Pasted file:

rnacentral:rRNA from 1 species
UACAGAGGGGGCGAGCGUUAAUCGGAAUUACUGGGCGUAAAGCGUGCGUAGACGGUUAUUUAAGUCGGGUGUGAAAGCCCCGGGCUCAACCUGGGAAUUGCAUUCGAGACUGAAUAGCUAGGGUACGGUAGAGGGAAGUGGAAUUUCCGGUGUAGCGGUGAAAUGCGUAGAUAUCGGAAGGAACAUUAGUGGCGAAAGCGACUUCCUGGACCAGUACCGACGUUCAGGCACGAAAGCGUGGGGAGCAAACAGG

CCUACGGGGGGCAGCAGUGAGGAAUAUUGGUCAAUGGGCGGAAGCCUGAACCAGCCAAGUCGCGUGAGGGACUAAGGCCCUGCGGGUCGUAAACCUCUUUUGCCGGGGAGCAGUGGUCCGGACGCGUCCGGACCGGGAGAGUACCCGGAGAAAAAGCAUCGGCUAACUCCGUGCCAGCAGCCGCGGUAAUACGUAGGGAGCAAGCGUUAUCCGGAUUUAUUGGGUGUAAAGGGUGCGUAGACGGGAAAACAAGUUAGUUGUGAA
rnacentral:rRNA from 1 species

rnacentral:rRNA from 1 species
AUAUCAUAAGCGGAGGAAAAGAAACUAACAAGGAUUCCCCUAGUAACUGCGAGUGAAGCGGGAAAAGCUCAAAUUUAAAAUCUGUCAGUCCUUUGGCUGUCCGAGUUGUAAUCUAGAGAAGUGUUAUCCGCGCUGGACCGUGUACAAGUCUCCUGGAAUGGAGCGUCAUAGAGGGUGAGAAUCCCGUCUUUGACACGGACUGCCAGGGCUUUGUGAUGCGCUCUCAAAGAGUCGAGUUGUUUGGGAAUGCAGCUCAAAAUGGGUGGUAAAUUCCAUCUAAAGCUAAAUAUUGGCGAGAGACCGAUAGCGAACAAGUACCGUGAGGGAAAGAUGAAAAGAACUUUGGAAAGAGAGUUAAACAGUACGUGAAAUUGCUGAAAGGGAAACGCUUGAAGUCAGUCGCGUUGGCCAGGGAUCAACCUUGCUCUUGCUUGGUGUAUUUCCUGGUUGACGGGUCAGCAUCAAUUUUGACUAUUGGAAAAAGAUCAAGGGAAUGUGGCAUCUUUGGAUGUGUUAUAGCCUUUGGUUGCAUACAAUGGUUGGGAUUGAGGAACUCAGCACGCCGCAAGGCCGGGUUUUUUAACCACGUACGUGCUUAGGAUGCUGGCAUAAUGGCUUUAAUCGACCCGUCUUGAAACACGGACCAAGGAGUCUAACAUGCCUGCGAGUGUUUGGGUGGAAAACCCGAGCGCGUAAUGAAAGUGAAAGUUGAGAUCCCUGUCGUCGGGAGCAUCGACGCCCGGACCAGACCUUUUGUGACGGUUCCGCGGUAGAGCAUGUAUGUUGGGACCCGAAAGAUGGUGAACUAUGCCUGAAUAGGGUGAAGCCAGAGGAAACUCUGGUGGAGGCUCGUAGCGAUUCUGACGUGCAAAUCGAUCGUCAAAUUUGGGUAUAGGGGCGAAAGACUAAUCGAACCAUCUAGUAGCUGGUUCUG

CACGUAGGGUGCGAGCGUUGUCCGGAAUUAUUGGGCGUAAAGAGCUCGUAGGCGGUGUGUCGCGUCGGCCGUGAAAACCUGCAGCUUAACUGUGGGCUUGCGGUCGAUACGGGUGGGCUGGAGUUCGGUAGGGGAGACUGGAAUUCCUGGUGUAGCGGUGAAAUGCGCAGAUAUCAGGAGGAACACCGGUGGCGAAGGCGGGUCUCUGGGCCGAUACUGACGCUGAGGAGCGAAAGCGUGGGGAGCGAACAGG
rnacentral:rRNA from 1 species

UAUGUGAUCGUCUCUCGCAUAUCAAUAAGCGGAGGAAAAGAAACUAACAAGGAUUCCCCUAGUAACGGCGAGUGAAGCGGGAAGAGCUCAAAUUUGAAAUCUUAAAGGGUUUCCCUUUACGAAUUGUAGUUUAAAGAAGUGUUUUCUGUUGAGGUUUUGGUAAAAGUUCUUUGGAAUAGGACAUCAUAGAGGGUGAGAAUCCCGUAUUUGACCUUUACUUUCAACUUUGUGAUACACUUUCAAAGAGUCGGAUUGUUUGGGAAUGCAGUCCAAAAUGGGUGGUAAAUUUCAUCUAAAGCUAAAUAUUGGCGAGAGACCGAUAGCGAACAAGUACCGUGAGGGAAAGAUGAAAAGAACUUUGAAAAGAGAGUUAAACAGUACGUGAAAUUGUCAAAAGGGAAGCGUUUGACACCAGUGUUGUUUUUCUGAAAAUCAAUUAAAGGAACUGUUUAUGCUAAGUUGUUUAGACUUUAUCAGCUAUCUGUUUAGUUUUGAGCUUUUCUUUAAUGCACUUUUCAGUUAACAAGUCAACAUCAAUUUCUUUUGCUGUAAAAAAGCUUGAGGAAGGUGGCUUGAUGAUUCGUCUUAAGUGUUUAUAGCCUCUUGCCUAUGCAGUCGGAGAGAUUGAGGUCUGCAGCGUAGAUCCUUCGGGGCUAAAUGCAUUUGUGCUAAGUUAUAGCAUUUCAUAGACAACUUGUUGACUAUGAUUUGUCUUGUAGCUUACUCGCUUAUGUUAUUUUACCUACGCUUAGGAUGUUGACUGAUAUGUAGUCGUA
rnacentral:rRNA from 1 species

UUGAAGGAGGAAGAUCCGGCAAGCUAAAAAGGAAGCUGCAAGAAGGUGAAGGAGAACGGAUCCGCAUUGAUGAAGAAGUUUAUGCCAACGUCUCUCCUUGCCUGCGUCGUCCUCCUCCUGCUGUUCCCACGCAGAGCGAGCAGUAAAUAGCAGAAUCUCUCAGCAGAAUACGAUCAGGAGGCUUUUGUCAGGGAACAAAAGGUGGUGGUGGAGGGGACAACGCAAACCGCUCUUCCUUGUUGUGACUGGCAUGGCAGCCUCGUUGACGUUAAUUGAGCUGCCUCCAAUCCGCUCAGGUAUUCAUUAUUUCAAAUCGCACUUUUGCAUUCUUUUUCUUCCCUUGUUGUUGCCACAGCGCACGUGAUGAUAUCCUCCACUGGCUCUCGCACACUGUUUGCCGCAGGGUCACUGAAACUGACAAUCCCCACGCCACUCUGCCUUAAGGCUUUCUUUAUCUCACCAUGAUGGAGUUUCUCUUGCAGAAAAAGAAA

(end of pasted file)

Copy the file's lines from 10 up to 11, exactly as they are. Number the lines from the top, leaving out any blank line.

rnacentral:rRNA from 1 species

UUGAAGGAGGAAGAUCCGGCAAGCUAAAAAGGAAGCUGCAAGAAGGUGAAGGAGAACGGAUCCGCAUUGAUGAAGAAGUUUAUGCCAACGUCUCUCCUUGCCUGCGUCGUCCUCCUCCUGCUGUUCCCACGCAGAGCGAGCAGUAAAUAGCAGAAUCUCUCAGCAGAAUACGAUCAGGAGGCUUUUGUCAGGGAACAAAAGGUGGUGGUGGAGGGGACAACGCAAACCGCUCUUCCUUGUUGUGACUGGCAUGGCAGCCUCGUUGACGUUAAUUGAGCUGCCUCCAAUCCGCUCAGGUAUUCAUUAUUUCAAAUCGCACUUUUGCAUUCUUUUUCUUCCCUUGUUGUUGCCACAGCGCACGUGAUGAUAUCCUCCACUGGCUCUCGCACACUGUUUGCCGCAGGGUCACUGAAACUGACAAUCCCCACGCCACUCUGCCUUAAGGCUUUCUUUAUCUCACCAUGAUGGAGUUUCUCUUGCAGAAAAAGAAA